A mosaic image of the Crab Nebula, remnant of an old supernova explosion or otherwise said, a powerful source of cosmic radiation. Credit: NASA, ESA, J. Hester and A. Loll/Arizona State University

Building Blocks of Life Discovered in Interstellar Space Change Our Understanding of the Universe

We now know that methylamine and glycine can form even in extreme conditions in interstellar space.


No one knows the exact reason and origin of life on Earth. But in order for this to happen, some simple chemical building blocks are needed.

Many scientists claim that the Earth’s violent past, with its massive volcanoes and regular meteor showers, has played a major role in the formation of these building blocks. In another stumping discovery, scientists reveal that the building blocks of life do not need a planet or a star to form.


The Building Blocks of Life and Dark Chemistry

The simplest amino acid and an extremely important building block of life - Glycine. Credit: American Chemical Society
The simplest amino acid and an extremely important building block of life – Glycine. Credit: American Chemical Society

The focus of the team of astrophysicists for this study was glycine. If you are unaware, glycine is the simplest amino acid known to man and now we know that it can form in deep space.

Furthermore, glycine is also a vital building block of life which is what makes this discovery truly astonishing. If we go back a few weeks, it was believed that glycine formation required energetic radiation. Now we know that it can form in space under extreme conditions through something called dark chemistry.

Explained in the simplest manner, think of chemistry without the energetic radiation. Anyhow, this study was stimulated by the detection of glycine in samples from the space mission Stardust. Scientists located the amino acid in the comet 67P/Churyumov-Gerasimenko.

What this presence suggests is that this significant building block of life could form without the need of a star or planets as it was thought before. If glycine could form independently in interstellar space, this ultimately hints at the possibility that other important building blocks of life could also have the same ability.


And what follows is the fact that once prebiotic molecules exist, they can stimulate the formation of more complex structures on the glycine backbone. If you follow my logic, you should know where I am leading you to. If these molecular inventories exist on comets, this means that there is a chance that they may reach other planets with suitable conditions for life and… well, there could be other planets with life on them just like Earth.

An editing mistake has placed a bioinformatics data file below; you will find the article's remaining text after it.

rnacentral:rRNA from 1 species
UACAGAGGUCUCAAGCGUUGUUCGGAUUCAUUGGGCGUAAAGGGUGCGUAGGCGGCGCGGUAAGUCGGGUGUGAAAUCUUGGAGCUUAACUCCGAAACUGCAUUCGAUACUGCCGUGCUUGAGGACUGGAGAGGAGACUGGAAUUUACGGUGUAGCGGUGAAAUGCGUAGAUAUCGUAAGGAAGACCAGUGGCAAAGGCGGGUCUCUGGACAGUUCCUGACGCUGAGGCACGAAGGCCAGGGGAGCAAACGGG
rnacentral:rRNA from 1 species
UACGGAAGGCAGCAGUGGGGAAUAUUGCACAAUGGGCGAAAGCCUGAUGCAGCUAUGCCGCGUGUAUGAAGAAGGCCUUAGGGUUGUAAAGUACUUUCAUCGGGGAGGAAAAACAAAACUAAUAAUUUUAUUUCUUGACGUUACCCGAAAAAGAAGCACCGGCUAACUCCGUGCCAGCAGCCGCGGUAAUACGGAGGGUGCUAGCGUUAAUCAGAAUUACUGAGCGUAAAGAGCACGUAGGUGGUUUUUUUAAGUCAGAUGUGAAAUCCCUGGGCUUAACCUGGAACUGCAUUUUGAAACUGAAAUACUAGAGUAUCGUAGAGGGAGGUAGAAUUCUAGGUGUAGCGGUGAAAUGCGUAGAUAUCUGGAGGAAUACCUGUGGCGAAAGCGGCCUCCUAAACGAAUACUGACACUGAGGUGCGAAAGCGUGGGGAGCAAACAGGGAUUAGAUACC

Scientific Experiments and Simulations

All experiments in the study were conducted in strict laboratory conditions ensuring the absolute safety of all members. Results from previous laboratory experiments suggested that interstellar ice and ratiation were needed in order for glycine to form. At the same time, when the radiation is too high, it could do quite the opposite – destroy amino acids. Well, the team of astrophysicists found an alternative way for the formation.

Sergio Loppolo, leader of the scientific team had this to say about the conducted experiment.

“In the laboratory, we were able to simulate the conditions in dark interstellar clouds where cold dust particles are covered by thin layers of ice and subsequently processed by impacting atoms causing precursor species to fragment and reactive intermediates to recombine.”

To explain the series of experiments, in short, we need to mention methylamine as it was the focal point of all tests. It is also one of the amine precursors of the building block of life in question – glycine.

First, it was proven that methylamine could form in interstellar conditions without the need of energetic radiation. Just to mention, it was also discovered in the samples from comet 67P/Churyumov-Gerasimenko.

Using ice enriched with methylamine and putting it through a series of reactions, the team discovered that the chemical reactions did, in fact, form grycine.


What can we make of this discovery?

In short, we now know that certain building blocks of life can form in space without the need of a planet or a star. As I mentioned above, this hints at the possibility that other prebiotic molecules could also exist in space. Moreover, there might even be an abundance of them, especially on icy planets.

You can read the entire scientific paper on the subject HERE.

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Written by Vladislav Tchakarov

Hello, my name is Vladislav and I am glad to have you here on Curiosmos. As a history student, I have a strong passion for history and science, and the opportunity to research and write in this field on a daily basis is a dream come true.

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